The need for social stability in antebellum America and the role of Protestant religion in maintaining it tamped down the intrinsic individualism of both evangelicalism and business. But a series of social and business transformations after the Civil War, and the growing influence of the state in social and economic life, provided the impetus and opportunity for a fundamentalist movement to emerge in the s. Throughout its development, fundamentalism borrowed from business ideology and techniques for religious ends.
My new bill would require corporations to answer to employees and other stakeholders as well.
Darren Dochuk, Thomas S. Kidd, and Kurt W. Peterson, eds. This essay uses the early life of the prominent fundamentalist Reuben A. Torrey to examine the influence of modernity—theological and otherwise—on conservative evangelicalism. This story challenges the binary frameworks that are often used to explain the differences and developments of both fundamentalist and liberal Protestantism. The incident demonstrates the important role of religion in the process of medical professionalization. Protestants used this discourse both to exclude outsiders and unite elites across denominational lines.
An initial attempt to prosecute Dowie based on legalistic claims of practicing medicine without a license led to a backlash against medical professionals by middle-class Protestants who believed it compromised the integrity of religious liberty. This suggests that the growing efficacy of medical advances was an insufficient basis of social authority. Only when medical professionals self-consciously aligned themselves with the Protestant establishment and portrayed themselves as defenders of the social order focused especially on the integrity of the family were they able to rally the middle classes to their cause.
Modern-day workers are subjected to a wide variety of surveillance strategies, from drug tests and closed-circuit video monitoring to tracking apps and even devices that sense heat and motion. The technology that accompanies this workplace supervision can make it feel futuristic.
The core impulse behind that technology pervaded plantations , which sought innermost control over the bodies of their enslaved work force. And behind every cold calculation, every rational fine-tuning of the system, violence lurked. Plantation owners used a combination of incentives and punishments to squeeze as much as possible out of enslaved workers. Some beaten workers passed out from the pain and woke up vomiting.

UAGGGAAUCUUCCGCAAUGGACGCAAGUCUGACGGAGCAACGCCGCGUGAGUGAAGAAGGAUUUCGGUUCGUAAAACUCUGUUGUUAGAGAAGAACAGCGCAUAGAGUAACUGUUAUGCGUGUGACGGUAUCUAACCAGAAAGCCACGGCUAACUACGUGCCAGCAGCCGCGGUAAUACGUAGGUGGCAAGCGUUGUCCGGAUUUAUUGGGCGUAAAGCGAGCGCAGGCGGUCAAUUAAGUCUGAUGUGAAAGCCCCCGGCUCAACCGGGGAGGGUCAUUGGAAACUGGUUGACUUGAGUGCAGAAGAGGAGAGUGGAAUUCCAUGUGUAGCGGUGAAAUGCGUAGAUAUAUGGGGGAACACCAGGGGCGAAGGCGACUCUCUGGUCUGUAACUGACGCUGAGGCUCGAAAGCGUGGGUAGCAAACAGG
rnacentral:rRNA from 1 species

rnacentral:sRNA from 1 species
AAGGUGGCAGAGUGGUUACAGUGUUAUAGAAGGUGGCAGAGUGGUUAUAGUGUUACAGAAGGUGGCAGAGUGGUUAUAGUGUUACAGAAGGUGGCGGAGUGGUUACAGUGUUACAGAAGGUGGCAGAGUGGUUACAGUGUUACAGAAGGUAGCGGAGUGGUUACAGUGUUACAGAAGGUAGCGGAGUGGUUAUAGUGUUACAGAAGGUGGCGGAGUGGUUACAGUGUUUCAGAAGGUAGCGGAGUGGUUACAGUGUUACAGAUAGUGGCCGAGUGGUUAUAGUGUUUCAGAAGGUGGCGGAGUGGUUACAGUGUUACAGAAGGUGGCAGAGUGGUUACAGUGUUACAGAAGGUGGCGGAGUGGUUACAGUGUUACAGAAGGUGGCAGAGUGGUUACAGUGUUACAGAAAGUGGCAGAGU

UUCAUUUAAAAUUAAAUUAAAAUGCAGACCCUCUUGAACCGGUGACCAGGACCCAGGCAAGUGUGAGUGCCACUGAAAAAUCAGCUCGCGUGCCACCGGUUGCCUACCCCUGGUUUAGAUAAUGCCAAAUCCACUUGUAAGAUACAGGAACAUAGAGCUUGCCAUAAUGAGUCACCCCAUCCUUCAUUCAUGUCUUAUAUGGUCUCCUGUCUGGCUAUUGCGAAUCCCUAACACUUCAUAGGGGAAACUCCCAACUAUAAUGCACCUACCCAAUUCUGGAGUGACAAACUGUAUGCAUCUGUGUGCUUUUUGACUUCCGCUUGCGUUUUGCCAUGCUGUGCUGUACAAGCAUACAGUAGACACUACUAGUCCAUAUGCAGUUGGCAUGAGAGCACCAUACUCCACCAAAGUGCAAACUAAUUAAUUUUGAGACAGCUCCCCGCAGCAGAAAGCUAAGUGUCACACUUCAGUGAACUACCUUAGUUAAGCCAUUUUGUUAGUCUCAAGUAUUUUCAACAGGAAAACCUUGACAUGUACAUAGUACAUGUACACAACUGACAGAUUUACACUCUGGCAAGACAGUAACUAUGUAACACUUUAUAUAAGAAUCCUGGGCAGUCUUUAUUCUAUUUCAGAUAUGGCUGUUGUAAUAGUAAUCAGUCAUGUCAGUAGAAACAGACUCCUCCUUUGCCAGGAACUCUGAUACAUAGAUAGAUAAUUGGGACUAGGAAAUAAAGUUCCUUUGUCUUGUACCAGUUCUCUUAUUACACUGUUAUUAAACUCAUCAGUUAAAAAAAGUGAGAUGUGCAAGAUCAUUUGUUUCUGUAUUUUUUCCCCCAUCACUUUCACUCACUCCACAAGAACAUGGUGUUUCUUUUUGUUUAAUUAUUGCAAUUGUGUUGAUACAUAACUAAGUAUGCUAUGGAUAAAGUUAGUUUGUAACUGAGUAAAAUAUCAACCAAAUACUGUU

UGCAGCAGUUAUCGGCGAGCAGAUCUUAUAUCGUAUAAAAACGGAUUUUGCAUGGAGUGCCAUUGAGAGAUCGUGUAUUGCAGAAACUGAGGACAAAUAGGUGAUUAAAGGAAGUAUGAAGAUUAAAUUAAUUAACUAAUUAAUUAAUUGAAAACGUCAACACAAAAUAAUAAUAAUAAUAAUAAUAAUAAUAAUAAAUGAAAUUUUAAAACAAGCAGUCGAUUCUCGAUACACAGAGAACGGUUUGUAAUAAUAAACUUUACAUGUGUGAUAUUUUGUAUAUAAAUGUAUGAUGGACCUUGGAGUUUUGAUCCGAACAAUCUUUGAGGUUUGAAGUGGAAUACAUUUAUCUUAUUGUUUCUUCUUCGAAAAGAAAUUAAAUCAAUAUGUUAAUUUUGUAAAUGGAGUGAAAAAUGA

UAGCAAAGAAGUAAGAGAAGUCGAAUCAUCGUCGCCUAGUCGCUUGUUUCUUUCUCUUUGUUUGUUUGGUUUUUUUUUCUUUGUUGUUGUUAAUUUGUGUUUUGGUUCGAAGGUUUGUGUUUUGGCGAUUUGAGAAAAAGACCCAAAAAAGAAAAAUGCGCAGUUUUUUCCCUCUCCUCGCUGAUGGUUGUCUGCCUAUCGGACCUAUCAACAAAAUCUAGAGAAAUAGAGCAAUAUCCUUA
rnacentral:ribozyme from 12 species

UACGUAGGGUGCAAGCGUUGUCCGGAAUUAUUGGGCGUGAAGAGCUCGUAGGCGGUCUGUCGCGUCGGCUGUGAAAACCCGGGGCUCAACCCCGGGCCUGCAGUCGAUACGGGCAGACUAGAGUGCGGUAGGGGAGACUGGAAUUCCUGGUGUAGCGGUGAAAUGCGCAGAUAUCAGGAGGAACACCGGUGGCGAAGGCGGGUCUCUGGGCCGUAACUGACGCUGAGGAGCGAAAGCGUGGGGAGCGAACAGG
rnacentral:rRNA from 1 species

Companies Shouldn’t Be Accountable Only to Shareholders
There is some comfort, I think, in attributing the sheer brutality of slavery to dumb racism. We imagine pain being inflicted somewhat at random, doled out by the stereotypical white overseer, free but poor.
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Punishments were authorized by the higher-ups. It was not so much the rage of the poor white Southerner but the greed of the rich white planter that drove the lash. The violence was neither arbitrary nor gratuitous.
The Business of Judging: Selected Essays and Speeches
Falling short of that quota could get you beaten, but overshooting your target could bring misery the next day, because the master might respond by raising your picking rate. Profits from heightened productivity were harnessed through the anguish of the enslaved. This was why the fastest cotton pickers were often whipped the most. It was why punishments rose and fell with global market fluctuations. Slavery did supplement white workers with what W. But this, too, served the interests of money. Both in the cities and countryside, employers had access to a large and flexible labor pool made up of enslaved and free people.
Labor power had little chance when the bosses could choose between buying people, renting them, contracting indentured servants, taking on apprentices or hiring children and prisoners.
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Witnessing the horrors of slavery drilled into poor white workers that things could be worse. So they generally accepted their lot, and American freedom became broadly defined as the opposite of bondage. It was a freedom that understood what it was against but not what it was for; a malnourished and mean kind of freedom that kept you out of chains but did not provide bread or shelter. It was a freedom far too easily pleased. In recent decades, America has experienced the financialization of its economy. In , Congress repealed regulations that had been in place since the Glass-Steagall Act, allowing banks to merge and charge their customers higher interest rates.